Therefore do not be foolish, but understand what the Lord’s will is.” – Ephesians 5:15-17 (MSG)

And Jesus again, in teaching his disciples how to go about their work: “be as shrewd as snakes and as innocent as doves.” – Matthew 10:16b (NIV)

Be creative, make the most of every opportunity, understand what the Lord’s will is… and Don’t Give Up!

Thoughts on Creativity – a sampler from TEDxRVA

powerplantThe first-ever TEDxRVA event launched my mind, soaring skyward, fueled with inspiration, imagination, ideas, hope, new connections, and exciting possibilities.

It is impossible to capture in one brief blog post the true spirit of the day… the full range of tones and harmonies in that symphony of creative energy. But here are a few gleanings… some of my takeaways. (I’m putting quotes around the phrases even though they are not the exact words used by the speaker.)

From Brian Andreas, artist, writer and entrepreneur behind the internationally known boutique art and book publisher, StoryPeople: “If you are alive, you are creative… If you want to be more creative, do things that make you feel more alive.”

From Sheryl Connelly, futurist with Ford Motor Company: “I love my job, but I don’t always enjoy the work. But if it wasn’t hard you would be a volunteer. That’s why they pay you to do it.”

From designer Deborah Adler, “Don’t create for the world, create for a person.”

2013-03-22 11.50.53From Richmond native Mike Henry, who gives voice to some of the quirky characters on “The Family Guy”: “Stay with your dream. Don’t let go. Don’t give up.”

From Katherine Wintsch, founder of The Mom Complex: “Don’t buy into the image of yourself that others try to project on you. Be honest. Face your fears. Then, and only then, will you discover the truth.”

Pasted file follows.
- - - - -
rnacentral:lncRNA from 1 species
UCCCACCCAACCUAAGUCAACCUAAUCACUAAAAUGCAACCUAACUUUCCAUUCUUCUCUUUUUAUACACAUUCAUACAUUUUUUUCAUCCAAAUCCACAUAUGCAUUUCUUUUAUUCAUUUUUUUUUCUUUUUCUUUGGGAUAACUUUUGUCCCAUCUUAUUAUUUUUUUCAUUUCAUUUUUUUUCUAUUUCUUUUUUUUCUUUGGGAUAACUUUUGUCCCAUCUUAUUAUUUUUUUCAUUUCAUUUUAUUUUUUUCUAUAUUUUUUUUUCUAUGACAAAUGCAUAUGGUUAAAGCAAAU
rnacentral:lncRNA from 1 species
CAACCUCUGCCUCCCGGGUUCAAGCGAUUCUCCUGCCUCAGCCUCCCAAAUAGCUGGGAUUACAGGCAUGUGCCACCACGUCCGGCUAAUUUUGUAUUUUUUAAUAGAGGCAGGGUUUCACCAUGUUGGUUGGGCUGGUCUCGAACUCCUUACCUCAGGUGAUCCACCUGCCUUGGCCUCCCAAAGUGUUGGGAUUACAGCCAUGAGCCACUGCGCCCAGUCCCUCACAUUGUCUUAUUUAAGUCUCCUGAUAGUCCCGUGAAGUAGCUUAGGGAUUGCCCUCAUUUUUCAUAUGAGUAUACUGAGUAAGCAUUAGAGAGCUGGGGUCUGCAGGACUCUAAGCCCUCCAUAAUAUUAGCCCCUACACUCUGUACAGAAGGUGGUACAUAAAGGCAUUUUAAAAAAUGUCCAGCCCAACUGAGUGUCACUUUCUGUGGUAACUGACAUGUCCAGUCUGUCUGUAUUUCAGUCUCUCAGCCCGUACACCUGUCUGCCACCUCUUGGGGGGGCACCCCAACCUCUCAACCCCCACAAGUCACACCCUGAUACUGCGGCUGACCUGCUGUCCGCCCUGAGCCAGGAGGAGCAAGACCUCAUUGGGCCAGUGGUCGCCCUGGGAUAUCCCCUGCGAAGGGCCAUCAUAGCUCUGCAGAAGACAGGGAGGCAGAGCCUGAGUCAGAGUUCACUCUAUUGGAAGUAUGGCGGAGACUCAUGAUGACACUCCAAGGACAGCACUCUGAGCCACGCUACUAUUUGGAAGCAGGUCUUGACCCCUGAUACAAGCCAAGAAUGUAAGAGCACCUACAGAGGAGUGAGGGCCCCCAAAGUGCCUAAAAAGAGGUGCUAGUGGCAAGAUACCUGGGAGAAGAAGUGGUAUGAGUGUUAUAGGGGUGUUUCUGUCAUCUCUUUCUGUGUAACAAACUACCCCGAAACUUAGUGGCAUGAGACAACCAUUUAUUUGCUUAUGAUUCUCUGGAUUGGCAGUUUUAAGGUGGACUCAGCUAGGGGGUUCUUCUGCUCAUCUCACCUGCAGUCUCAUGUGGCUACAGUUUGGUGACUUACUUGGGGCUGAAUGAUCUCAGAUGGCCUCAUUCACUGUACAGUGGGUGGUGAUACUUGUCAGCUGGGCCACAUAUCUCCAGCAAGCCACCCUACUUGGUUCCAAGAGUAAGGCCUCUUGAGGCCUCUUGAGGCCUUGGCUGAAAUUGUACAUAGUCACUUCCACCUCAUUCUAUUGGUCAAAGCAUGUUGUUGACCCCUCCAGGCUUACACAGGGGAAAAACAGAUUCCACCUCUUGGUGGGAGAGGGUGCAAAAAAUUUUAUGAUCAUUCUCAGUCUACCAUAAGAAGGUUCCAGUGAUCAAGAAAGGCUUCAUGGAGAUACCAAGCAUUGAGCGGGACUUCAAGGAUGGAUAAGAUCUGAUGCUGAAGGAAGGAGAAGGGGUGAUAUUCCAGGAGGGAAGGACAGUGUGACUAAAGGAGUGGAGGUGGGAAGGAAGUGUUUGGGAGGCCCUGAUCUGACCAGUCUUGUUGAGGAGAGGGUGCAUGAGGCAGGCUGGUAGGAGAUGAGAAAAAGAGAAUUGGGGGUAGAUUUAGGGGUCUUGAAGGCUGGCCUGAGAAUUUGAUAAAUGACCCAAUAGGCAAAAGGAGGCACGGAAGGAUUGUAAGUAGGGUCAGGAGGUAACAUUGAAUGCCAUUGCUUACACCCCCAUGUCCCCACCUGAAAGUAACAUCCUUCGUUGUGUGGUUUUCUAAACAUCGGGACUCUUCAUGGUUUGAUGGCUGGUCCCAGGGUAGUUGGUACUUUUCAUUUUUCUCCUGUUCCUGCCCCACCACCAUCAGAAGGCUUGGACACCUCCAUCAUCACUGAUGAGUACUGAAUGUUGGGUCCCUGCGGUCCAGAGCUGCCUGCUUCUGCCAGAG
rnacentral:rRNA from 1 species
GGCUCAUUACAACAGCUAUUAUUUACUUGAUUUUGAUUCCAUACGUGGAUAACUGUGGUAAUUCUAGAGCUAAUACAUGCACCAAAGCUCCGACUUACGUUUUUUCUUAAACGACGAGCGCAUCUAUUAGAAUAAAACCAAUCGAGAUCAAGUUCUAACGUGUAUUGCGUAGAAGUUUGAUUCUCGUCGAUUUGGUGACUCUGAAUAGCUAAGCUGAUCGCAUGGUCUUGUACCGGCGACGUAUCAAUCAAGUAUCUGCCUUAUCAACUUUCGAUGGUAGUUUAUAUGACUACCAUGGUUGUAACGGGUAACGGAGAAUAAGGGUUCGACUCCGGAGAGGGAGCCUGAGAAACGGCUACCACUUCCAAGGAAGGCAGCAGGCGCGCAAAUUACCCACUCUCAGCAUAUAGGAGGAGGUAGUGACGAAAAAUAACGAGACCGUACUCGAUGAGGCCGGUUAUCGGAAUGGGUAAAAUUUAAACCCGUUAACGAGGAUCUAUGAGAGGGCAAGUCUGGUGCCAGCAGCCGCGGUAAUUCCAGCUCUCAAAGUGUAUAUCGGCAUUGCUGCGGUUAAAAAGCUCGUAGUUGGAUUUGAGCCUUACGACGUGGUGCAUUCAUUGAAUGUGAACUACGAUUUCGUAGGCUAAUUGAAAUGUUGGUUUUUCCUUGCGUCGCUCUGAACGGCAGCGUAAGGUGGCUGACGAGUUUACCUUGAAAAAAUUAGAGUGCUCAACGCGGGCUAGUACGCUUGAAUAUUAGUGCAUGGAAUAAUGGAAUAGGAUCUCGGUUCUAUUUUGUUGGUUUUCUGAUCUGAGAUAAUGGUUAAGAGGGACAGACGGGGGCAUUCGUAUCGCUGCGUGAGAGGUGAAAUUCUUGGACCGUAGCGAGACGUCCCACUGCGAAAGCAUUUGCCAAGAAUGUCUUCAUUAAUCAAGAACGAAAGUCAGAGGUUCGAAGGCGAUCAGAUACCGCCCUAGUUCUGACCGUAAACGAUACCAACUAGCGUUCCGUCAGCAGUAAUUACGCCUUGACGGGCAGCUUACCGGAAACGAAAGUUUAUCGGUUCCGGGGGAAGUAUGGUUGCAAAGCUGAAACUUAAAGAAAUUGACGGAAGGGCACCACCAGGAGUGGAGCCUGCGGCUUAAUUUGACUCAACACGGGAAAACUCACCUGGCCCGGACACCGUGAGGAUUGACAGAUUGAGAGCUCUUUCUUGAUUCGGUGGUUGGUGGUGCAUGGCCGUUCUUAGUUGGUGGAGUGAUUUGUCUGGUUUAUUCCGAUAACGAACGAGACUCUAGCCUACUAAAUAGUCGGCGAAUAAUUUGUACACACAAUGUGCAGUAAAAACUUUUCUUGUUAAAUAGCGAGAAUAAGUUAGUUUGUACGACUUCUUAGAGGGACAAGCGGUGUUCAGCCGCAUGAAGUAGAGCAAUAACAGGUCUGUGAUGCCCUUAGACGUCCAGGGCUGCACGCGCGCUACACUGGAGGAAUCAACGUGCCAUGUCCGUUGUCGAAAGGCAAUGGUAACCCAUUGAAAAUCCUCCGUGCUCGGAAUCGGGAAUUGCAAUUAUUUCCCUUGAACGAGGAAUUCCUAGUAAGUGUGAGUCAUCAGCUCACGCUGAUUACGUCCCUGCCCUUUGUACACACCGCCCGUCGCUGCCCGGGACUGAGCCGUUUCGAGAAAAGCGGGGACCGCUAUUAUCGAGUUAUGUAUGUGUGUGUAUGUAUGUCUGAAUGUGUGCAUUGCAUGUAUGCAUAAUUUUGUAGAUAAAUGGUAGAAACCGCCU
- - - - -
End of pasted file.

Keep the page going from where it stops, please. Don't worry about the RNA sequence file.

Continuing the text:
From Zoe Romano, the young Richmond woman who ran across the United States: “Uncertainty and vulnerability are crucial to the creative process.”

And from Derek Sivers (via a TED video): “The first follower turns a lone nut into a leader.” (You really have to see the video to get the full impact of that truth.)

There was so much more…

2013-03-22 18.00.11– from designer Cheryl Heller, who transformed her TEDxRVA speaking gig into a partnership with Boaz & Ruth, a Richmond non-profit, faith-based initiative that helps people help themselves;

– from author Kevin Carroll, who modeled the truth that work and play are not opposites;

– from philanthropic entrepreneurs Marti Beller, Geoff Weathersby and Brian Marks who convinced me that “they” is “me” and that the first step to make a difference in the world is to make a difference in one, single life;

– and from Fox Elementary School art teacher Julie Crowder who stands as a shining example of the power of passion when she inspired a city-wide outpouring of hometown love with her project, “RVA Valentines: Love Letters to Our City.”

More than 30 speakers/artists/musicians challenged and inspired us during the daylong event. The inaugural TEDxRVA event will no doubt fuel my life and my creativity for the foreseeable future.